What makes Meredith Monk one of contemporary music’s most original, individual, and innovative figures?
Pwyll ap Siôn
Thursday, January 19, 2023
This US composer Meredith Monk has continued to work in multiple art forms and to break the mould for more than 50 years
As a musician, singer, pianist, actor, choreographer, dancer, film-maker, producer and performance artist, Meredith Monk continues to sidestep boundaries and elude classification in her oeuvre. For more than 50 years, this dynamically creative New Yorker has established herself at the vanguard of American music, evolving a creative synthesis of multiple art forms. However, when asked who or what she is, Monk has always been very clear: ‘I am a composer.’
Monk’s music has not been without its critics. In a 1987 review of the album ‘Do You Be’ in The Wire, Ben Watson describes its ‘pseudo-ethnicity’ as ‘a parade of undigested effects, a noodling with atmosphere-producing ingredients’. Today, her work is admired and appreciated in equal measure. Monk has become the doyenne and figurehead of contemporary avant-garde, post-minimalist and alternative pop scenes. Icelandic pop singer Björk is a longstanding fan, as are some of new music’s leading names, such as Julia Wolfe, Sarah Kirkland Snider and Missy Mazzoli. One need only compare the opening bars of Wolfe’s ‘The States’ from Steel Hammer with Monk’s ‘Panda Chant I’ from her sci-fi opera The Games (composed in 1983) to appreciate how deep these influences go.
Meredith Monk (photo: Brad Trent)
Monk was raised in a musical family. Her grandparents were professional musicians and her mother – a gifted singer and actress who went by the stage name of Audrey Marsh – appeared in several American TV shows, radio jingles and adverts from the 1920s to the 1950s. As a child, Monk was introduced to Dalcroze Eurhythmics, whereby music is taught through rhythm, movement and dance. For Monk, music has always been strongly linked to movement and the body. She continued to pursue this interest at Sarah Lawrence College during the early 1960s, where a performing arts programme enabled her to combine singing, acting, dancing and composition. The notion of a single art form that could fuse Monk’s many interests and talents began to take shape.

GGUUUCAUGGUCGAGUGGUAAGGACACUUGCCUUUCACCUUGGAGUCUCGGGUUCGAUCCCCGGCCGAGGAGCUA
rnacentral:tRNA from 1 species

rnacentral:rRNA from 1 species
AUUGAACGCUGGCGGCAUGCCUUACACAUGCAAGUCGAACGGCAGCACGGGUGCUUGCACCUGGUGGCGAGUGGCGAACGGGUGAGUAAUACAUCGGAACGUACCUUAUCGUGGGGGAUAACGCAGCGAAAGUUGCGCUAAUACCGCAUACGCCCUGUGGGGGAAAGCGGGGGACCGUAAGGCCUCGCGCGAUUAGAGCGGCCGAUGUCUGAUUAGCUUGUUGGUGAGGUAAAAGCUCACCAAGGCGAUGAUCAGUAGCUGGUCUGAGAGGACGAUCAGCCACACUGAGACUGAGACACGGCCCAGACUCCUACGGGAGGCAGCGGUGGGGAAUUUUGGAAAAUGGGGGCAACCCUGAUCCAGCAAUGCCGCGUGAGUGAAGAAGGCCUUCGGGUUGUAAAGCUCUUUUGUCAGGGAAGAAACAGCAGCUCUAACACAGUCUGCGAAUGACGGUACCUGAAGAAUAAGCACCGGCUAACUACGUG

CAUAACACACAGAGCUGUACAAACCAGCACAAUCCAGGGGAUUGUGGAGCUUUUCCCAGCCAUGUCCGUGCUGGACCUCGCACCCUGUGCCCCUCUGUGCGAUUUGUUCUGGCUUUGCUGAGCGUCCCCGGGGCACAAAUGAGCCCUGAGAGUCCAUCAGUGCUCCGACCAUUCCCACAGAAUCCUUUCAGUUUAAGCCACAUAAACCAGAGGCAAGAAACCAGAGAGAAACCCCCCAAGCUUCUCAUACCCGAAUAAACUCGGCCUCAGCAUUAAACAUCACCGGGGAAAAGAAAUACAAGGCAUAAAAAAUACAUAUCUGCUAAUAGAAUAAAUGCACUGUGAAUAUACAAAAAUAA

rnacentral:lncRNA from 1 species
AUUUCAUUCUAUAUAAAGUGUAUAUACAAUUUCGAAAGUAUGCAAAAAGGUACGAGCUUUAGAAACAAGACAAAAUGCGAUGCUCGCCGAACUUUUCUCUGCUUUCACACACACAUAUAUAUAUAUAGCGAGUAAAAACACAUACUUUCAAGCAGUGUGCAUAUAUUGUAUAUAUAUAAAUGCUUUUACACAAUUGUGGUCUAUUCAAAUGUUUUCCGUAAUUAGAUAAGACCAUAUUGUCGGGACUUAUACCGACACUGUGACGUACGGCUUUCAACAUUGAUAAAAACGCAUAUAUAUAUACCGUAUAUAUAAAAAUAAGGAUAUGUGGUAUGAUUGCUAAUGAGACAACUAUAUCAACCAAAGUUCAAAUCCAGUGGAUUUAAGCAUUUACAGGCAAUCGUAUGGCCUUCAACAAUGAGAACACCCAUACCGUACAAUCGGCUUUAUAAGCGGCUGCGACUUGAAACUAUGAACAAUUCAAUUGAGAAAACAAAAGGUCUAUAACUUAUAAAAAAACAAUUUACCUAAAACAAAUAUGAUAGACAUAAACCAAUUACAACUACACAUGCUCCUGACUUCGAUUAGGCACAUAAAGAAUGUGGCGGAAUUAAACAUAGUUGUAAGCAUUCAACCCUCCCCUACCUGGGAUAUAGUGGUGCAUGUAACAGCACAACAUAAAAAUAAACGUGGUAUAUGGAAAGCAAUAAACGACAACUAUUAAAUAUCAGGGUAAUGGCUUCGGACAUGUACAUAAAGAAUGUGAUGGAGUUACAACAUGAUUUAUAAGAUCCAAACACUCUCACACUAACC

Monk’s own voice (and later the voices of her own vocal ensemble) has remained central to her creative output, performances and recordings throughout a long career. Her music makes us aware of the body as its primary sound source. She has always thought of the voice as possessing its own language, and her refusal for many years to set words in fact freed her up to unleash its rich timbral potential.
We hear it croaking, gurgling, moaning, shouting, squealing, wailing, whispering and yodelling. Guttural clicks are melded with soft sounds or strangled, stuttering screeches. With infant shrieks, stentorian coughs, bird calls, miaows, animal chatter, priestly chanting, nonsense syllables and ritualistic incantations, Monk’s voice swoops, dives, soars, floats, flies and falls. She will stretch the voice to its very limits by flaunting and magnifying its cracks, breaks, folds and deep fissures. According to Monk, each voice possesses its own sonic character and landscape, which has the potential to unearth feelings, energies and memories that exist beyond verbal meaning.
Meredith Monk (photo: Cameron Wittig, courtesy of Walker Art Center)
Drawing as these sounds do on a common, cross-cultural palette of archetypal sources, one hears in them echoes of vocal traditions from across the world, such as Inuit throat singing, Balkan nasality, Tibetan chanting or the sound of Japanese kabuki. The ritualistic effect of the music can be both familiar and disconcerting – as if one hears folk songs from another planet – but the uncanny familiarity is there because these sounds are generated from the well-spring of human voices.